Car owners should check their tires' inflation pressure at least once a month, after driving only a mile or less, and inflate them according to the vehicle manufacturer's recommended pressure-not the pressure molded onto the sidewall.
Nearly twice as many drivers know that today vs. four years ago, and the Rubber Manufacturers Association (RMA) credits its National Tire Safety Week endeavors with the improvement in tire maintenance awareness.
Not that proper tire inflation has exactly become a consumer craze. The most recent RMA nationwide motorist survey shows that still only 19 percent of drivers know proper inflation techniques. That's considerably better than the 11 percent who knew them in 2002, when the first National Tire Safety Week was held.
``We're not shouting from the rooftops over 19 percent, but we're showing steady improvement in consumer awareness,'' an RMA spokesman said April 24, the day the association launched the fifth annual National Tire Safety Week in Sacramento.
April 23-29 were the official dates for the event, which the RMA launched at a Goodyear Auto Service Center in downtown Sacramento. Speaking at the event were officials from the California Highway Patrol, the California Office of Highway Safety and the California branch of the American Automobile Association (AAA).
Jacqueline Glassman, acting administrator of the National Highway Traffic Safety Administration (NHTSA), and Montill Williams, director of public affairs for the national AAA, appeared in a video press release.
Last year's Tire Safety Week promotion kicked off at Skyline Automotive, an auto repair and tire center in Falls Church, Va. Then-NHTSA Administrator Jeffrey W. Runge spoke live at the event.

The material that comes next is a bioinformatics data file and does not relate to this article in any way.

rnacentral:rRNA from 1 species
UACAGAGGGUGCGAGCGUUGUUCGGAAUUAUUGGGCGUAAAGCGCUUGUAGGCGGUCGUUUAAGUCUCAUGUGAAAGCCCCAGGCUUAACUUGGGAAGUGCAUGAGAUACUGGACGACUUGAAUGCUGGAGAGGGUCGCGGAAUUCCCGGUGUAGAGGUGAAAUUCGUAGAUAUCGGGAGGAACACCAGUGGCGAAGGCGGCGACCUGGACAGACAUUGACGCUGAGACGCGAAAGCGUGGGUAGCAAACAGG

California was chosen as the site for this year's launch, the RMA spokesman said, in part because it hadn't been the launch site since 2003 and partly because California is ``a big state with a lot of drivers.''
``We try not to repeat ourselves too much,'' he added. ``If you do something the same way all the time, it becomes old hat.''
National Tire Safety Week is part of the ``Be Tire Smart-Play Your PART'' tire safety program the RMA launched in the wake of the 6.5 million-tire Firestone tire recall of August 2000. The recall also led to passage of the Transportation Recall Enhancement, Accountability and Documentation (TREAD) Act, whose provisions include stringent new tire testing regulations and a requirement for tire pressure monitoring systems on vehicles.
Despite concerted information efforts by industry and government, the RMA noted, NHTSA statistics show that underinflated tires remain a serious safety problem on U.S. roads. The association quoted NHTSA as saying that one in three U.S. cars has at least one seriously underinflated tire and tires are cited as playing a role in 660 highway deaths and 33,000 injuries annually.
More than 14,000 tire and auto service retailers across the U.S.-compared with about 12,000 last year-are working with the RMA to promote the safety week agenda and the year-round PART program, according to the association. Their activities include distribution of the ``Be Tire Smart-Play Your PART'' pamphlets-``PART'' standing for pressure, alignment, rotation and tread-and providing free tire inflation pressure services.